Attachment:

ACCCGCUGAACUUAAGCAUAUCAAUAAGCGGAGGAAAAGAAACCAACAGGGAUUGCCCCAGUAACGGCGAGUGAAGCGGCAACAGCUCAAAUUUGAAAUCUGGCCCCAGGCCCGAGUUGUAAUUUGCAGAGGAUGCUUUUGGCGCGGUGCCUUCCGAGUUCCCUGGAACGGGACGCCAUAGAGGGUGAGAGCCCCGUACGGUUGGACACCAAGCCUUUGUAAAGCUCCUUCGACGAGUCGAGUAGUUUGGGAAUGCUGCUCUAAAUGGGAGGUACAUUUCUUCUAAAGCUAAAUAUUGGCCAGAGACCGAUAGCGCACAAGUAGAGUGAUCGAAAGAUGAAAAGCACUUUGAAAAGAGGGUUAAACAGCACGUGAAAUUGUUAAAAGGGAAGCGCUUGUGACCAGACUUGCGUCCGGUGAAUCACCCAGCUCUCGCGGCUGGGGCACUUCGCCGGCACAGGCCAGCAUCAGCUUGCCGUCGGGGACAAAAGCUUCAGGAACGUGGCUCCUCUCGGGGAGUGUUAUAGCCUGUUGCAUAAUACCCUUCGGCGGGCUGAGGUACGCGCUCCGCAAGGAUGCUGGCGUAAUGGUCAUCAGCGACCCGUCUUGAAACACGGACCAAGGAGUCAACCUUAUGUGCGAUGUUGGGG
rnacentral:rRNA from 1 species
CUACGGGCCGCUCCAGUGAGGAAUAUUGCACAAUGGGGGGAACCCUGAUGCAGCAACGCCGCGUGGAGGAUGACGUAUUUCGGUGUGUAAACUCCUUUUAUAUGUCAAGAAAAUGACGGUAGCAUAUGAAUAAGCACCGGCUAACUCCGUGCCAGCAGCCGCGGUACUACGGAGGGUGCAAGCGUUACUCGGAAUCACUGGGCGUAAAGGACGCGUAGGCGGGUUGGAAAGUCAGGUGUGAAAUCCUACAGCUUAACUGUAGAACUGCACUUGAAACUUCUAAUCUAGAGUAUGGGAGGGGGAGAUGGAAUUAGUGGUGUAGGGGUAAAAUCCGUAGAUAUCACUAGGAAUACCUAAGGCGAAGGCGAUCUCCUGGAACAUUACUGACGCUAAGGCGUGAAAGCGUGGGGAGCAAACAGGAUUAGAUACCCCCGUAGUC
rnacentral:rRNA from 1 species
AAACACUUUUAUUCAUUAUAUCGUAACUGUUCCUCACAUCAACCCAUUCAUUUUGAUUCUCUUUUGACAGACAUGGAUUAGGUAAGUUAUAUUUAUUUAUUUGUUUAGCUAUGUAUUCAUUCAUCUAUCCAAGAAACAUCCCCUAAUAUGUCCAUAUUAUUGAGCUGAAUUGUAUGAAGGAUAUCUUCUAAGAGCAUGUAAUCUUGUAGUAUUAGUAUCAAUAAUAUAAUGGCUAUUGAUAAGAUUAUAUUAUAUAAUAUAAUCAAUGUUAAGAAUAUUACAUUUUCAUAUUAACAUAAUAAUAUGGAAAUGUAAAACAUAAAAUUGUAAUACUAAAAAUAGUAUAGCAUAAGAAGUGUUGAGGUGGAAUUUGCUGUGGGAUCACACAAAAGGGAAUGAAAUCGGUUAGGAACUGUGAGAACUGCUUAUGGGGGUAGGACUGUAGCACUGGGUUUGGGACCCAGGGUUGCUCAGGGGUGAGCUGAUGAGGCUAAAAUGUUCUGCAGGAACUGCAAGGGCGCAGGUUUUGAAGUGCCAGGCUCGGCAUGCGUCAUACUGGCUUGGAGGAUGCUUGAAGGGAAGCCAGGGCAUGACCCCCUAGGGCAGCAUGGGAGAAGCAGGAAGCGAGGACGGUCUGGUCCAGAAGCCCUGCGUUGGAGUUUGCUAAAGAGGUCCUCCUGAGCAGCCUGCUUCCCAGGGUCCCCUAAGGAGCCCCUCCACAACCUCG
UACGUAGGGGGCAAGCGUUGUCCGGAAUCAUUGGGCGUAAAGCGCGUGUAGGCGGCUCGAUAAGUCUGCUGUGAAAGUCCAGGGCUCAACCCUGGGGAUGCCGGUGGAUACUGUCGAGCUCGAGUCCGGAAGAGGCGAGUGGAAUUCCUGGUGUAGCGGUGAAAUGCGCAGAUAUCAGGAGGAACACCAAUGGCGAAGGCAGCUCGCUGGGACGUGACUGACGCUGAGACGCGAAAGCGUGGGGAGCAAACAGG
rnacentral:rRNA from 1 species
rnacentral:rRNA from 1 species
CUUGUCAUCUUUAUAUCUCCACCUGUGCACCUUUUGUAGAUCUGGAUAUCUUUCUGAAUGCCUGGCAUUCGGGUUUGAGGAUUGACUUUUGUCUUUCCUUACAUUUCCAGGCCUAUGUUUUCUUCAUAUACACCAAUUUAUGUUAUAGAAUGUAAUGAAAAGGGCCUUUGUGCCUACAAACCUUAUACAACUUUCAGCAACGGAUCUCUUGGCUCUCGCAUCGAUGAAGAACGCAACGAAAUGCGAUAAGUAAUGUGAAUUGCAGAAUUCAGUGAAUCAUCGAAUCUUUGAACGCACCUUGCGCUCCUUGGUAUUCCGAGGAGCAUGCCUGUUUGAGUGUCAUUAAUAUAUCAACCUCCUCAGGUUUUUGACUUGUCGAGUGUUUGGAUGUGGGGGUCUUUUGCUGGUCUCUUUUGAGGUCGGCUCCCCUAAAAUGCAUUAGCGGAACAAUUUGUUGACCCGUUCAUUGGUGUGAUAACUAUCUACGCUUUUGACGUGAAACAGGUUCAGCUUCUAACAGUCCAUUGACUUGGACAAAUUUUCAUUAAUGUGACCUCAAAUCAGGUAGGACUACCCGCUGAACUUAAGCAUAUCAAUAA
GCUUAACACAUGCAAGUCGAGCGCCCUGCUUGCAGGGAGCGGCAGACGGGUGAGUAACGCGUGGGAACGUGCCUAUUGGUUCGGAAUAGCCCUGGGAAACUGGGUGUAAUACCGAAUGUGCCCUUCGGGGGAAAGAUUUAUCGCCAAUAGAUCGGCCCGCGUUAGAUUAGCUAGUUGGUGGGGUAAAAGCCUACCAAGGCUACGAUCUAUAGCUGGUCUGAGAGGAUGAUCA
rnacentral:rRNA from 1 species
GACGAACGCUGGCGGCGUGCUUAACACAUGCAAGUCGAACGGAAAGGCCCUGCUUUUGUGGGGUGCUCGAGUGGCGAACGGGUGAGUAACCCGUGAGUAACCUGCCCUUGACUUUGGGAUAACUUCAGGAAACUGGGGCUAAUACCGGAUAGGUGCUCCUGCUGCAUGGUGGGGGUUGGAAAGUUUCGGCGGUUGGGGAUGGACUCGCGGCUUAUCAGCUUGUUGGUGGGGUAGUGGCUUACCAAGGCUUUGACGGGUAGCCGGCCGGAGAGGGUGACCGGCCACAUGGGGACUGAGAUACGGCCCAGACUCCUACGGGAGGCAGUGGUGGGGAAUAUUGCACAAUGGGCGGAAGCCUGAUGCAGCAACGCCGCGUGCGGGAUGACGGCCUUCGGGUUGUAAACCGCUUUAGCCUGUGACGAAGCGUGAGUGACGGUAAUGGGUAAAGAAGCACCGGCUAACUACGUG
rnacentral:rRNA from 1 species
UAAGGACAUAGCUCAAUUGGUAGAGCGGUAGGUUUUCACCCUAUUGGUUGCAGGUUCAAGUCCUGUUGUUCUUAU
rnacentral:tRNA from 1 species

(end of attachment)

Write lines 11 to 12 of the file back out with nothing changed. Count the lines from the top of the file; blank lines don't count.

rnacentral:rRNA from 1 species
GACGAACGCUGGCGGCGUGCUUAACACAUGCAAGUCGAACGGAAAGGCCCUGCUUUUGUGGGGUGCUCGAGUGGCGAACGGGUGAGUAACCCGUGAGUAACCUGCCCUUGACUUUGGGAUAACUUCAGGAAACUGGGGCUAAUACCGGAUAGGUGCUCCUGCUGCAUGGUGGGGGUUGGAAAGUUUCGGCGGUUGGGGAUGGACUCGCGGCUUAUCAGCUUGUUGGUGGGGUAGUGGCUUACCAAGGCUUUGACGGGUAGCCGGCCGGAGAGGGUGACCGGCCACAUGGGGACUGAGAUACGGCCCAGACUCCUACGGGAGGCAGUGGUGGGGAAUAUUGCACAAUGGGCGGAAGCCUGAUGCAGCAACGCCGCGUGCGGGAUGACGGCCUUCGGGUUGUAAACCGCUUUAGCCUGUGACGAAGCGUGAGUGACGGUAAUGGGUAAAGAAGCACCGGCUAACUACGUG